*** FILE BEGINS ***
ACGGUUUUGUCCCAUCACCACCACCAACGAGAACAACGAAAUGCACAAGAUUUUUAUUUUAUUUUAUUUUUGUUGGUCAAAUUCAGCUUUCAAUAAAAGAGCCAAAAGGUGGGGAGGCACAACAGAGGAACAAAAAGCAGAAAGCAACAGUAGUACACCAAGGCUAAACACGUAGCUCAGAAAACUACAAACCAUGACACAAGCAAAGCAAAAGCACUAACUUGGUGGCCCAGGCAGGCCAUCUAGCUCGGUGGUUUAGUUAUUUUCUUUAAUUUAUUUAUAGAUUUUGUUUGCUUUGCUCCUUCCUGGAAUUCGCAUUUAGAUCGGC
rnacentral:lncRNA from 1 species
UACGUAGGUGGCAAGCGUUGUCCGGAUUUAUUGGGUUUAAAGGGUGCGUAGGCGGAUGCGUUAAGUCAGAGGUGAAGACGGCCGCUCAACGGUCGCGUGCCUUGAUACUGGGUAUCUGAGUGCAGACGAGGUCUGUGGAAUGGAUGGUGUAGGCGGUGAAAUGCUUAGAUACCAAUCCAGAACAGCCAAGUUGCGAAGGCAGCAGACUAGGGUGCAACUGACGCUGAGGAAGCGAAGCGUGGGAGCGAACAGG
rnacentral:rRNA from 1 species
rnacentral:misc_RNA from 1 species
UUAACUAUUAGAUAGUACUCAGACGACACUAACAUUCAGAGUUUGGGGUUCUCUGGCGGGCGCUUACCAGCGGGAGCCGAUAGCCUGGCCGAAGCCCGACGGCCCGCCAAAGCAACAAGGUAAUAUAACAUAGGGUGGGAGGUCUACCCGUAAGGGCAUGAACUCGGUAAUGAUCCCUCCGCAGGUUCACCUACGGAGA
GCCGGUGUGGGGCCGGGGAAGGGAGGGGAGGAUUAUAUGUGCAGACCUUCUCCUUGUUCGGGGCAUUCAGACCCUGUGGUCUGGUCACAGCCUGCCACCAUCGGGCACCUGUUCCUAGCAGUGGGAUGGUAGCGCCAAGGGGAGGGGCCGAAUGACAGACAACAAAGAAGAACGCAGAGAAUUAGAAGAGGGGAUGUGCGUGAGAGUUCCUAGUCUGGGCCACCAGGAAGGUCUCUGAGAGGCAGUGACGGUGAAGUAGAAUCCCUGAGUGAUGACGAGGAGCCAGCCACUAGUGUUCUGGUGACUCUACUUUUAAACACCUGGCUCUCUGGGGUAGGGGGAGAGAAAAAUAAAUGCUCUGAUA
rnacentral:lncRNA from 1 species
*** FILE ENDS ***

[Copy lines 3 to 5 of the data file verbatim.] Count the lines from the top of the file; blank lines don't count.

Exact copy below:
UACGUAGGUGGCAAGCGUUGUCCGGAUUUAUUGGGUUUAAAGGGUGCGUAGGCGGAUGCGUUAAGUCAGAGGUGAAGACGGCCGCUCAACGGUCGCGUGCCUUGAUACUGGGUAUCUGAGUGCAGACGAGGUCUGUGGAAUGGAUGGUGUAGGCGGUGAAAUGCUUAGAUACCAAUCCAGAACAGCCAAGUUGCGAAGGCAGCAGACUAGGGUGCAACUGACGCUGAGGAAGCGAAGCGUGGGAGCGAACAGG
rnacentral:rRNA from 1 species
rnacentral:misc_RNA from 1 species